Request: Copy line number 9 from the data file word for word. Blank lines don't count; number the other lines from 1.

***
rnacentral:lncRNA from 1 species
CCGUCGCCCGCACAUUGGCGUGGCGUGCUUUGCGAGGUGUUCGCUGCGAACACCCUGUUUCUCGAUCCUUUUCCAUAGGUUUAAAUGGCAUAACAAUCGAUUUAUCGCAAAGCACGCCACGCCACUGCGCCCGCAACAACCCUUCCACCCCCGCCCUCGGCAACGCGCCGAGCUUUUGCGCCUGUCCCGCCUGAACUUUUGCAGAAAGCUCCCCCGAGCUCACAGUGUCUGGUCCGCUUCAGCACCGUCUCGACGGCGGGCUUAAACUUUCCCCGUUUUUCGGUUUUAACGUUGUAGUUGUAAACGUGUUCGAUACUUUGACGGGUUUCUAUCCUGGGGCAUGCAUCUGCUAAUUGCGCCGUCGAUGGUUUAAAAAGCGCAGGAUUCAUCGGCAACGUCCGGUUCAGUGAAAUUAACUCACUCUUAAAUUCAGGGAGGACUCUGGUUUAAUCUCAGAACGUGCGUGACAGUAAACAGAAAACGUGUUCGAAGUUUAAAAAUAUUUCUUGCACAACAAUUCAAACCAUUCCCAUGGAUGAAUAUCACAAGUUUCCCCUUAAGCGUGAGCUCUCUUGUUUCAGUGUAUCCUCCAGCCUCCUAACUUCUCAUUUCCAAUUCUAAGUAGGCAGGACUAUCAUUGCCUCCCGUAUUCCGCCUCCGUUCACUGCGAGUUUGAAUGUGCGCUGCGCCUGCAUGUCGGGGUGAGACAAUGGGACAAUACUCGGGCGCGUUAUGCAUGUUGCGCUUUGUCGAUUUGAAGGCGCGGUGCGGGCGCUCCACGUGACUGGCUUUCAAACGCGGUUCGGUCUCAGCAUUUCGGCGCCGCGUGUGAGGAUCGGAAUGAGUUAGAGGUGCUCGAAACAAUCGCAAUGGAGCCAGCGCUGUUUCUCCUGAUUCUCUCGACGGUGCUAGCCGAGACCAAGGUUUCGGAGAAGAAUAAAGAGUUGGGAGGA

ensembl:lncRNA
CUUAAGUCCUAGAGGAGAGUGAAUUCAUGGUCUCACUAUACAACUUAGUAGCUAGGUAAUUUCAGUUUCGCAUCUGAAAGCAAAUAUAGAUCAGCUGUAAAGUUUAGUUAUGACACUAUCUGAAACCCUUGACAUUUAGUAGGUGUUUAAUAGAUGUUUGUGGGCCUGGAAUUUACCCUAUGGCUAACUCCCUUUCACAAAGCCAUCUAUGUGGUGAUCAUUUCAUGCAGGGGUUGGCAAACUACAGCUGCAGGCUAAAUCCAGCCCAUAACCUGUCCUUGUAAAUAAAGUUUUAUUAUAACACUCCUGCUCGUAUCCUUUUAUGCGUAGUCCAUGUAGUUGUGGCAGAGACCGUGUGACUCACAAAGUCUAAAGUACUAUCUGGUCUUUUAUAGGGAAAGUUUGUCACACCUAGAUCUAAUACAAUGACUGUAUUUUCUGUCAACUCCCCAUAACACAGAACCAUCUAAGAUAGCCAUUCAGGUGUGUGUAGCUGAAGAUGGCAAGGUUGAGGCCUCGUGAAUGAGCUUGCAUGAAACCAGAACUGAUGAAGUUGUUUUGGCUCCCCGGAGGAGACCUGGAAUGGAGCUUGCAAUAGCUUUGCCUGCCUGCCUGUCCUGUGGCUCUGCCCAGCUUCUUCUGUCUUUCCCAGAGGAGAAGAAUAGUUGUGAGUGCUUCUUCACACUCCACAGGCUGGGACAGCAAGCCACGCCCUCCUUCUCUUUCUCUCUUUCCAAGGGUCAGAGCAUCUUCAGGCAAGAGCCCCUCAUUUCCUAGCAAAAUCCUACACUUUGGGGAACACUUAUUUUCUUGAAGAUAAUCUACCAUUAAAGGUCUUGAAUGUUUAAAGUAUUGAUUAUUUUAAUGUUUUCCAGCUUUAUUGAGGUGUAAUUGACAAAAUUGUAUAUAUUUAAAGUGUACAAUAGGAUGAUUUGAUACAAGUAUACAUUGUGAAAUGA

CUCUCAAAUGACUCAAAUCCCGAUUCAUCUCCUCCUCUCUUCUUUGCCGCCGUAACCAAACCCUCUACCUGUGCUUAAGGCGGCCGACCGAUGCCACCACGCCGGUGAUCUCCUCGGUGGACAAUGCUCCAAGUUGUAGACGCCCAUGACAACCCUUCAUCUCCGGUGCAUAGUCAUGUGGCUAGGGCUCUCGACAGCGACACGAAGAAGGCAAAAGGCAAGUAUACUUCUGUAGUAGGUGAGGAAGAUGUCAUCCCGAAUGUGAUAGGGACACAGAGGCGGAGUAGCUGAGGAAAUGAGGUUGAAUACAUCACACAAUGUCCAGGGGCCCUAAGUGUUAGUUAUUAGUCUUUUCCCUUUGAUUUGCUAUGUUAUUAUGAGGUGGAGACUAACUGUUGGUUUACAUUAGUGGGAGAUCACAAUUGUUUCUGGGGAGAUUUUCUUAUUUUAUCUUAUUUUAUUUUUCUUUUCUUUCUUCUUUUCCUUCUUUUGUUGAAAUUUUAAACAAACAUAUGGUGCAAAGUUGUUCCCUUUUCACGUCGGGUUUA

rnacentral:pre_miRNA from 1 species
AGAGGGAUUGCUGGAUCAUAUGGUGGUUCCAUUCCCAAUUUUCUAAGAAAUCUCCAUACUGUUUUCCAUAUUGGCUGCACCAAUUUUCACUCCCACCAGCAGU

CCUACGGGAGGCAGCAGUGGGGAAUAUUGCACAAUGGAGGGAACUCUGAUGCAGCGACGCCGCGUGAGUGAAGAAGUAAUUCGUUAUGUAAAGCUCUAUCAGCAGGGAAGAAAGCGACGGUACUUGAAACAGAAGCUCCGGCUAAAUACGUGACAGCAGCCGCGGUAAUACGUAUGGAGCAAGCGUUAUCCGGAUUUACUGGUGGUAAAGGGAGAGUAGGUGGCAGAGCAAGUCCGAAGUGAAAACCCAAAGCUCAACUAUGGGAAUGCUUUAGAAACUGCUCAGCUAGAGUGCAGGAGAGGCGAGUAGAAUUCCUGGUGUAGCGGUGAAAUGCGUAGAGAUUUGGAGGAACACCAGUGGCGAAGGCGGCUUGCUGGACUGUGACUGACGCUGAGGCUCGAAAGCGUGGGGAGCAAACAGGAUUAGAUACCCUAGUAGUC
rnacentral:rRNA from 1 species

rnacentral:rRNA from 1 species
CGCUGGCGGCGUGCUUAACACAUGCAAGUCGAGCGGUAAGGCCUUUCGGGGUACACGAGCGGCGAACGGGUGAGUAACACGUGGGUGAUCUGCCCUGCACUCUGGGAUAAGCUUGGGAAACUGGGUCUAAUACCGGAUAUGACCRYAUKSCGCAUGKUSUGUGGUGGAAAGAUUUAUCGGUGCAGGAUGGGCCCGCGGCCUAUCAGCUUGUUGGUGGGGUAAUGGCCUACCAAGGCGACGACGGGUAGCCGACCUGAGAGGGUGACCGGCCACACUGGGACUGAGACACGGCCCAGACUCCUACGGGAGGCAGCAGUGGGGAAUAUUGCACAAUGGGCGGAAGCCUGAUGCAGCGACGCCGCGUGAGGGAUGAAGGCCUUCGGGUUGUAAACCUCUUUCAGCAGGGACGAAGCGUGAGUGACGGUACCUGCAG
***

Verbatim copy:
rnacentral:rRNA from 1 species